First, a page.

We just want to give an appreciative acknowledgment to Google AdWords for a recent change to their policy regarding display URL’s. While we’re most excited about how this rule change is a big win for most businesses and all consumers, we thought it might be interesting to describe the impact from Mozilla’s perspective. In short, other advertisers are no longer able to show ads that display something like “mozilla.com” or “firefox.com” as their domain (then redirecting to their actual site).
Why does this matter? The example below, captured a couple months ago, provides a powerful illustration. Neither of those two ads on the right-hand side belongs to Mozilla (nor are sending clickers our way)! An advertiser was previously able to list anything they desired as the URL displayed and then send the consumer to a completely different, unrelated web site. The process, from the consumer’s perspective, was non transparent, and in extreme cases, could be dangerous.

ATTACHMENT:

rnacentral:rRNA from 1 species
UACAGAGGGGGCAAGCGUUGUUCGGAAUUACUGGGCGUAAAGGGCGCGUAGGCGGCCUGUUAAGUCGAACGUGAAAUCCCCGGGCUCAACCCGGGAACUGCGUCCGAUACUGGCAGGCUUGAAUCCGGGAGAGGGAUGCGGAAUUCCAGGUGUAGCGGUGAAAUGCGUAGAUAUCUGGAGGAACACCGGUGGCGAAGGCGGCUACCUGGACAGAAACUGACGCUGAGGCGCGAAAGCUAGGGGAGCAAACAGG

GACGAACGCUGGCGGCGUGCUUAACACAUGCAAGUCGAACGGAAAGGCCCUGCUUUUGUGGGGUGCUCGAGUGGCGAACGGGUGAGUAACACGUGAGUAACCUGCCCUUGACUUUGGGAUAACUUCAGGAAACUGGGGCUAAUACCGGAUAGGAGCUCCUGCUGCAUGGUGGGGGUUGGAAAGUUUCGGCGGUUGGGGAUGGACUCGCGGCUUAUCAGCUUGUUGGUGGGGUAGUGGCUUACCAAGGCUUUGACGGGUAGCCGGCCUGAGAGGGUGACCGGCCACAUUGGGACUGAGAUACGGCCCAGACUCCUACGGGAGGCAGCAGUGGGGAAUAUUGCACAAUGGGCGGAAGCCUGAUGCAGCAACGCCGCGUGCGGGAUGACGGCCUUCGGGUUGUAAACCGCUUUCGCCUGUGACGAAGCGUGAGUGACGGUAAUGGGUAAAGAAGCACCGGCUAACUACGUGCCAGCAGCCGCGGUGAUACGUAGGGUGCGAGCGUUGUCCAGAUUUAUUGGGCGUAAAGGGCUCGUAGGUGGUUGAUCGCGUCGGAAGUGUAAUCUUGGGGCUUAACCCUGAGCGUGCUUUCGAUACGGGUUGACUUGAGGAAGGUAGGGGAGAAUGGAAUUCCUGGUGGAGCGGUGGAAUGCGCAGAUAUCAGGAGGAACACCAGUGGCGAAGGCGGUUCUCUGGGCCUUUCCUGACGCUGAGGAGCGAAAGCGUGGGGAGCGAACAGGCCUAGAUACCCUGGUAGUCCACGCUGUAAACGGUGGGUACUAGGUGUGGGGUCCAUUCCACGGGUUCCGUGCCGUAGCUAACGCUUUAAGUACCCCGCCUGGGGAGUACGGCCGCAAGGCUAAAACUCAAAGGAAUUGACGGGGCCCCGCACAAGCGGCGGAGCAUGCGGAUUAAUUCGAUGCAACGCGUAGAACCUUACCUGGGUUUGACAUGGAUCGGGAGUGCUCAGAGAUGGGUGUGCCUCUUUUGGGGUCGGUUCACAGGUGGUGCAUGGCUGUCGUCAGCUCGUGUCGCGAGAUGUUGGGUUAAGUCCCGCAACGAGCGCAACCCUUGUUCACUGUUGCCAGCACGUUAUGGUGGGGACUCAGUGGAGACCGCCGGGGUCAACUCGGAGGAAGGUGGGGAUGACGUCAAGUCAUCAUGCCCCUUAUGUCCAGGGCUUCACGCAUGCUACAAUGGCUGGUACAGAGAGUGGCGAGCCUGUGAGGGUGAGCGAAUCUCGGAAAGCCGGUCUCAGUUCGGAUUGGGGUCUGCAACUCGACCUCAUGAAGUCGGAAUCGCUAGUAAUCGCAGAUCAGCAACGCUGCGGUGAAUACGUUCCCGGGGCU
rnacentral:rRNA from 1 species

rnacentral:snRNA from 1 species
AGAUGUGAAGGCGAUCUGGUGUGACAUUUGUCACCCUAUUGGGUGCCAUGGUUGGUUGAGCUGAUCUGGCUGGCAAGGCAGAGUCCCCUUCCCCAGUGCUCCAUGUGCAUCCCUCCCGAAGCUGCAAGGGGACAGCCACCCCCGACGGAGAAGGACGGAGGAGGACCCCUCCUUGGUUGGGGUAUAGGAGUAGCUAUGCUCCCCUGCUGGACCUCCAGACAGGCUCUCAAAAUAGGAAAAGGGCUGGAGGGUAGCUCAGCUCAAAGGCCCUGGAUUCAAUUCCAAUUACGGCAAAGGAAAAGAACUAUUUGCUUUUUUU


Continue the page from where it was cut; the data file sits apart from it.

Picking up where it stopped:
And here’s a close-up:
Please note: we’re always happy to see affiliates helping with the distribution of Firefox; we’d just prefer that other advertisers not use our actual domains (e.g., mozilla.com) in their ads (when those ads are not actually directing users to Mozilla’s sites).
What’s remarkable here is that Google may take a revenue hit as a result of this change. I’m guessing they made this decision because it’s clearly in the best interest of consumers and because it’s the right thing to do. It’s always enlightening to see a company put the interest of users ahead of the interest of shareholders.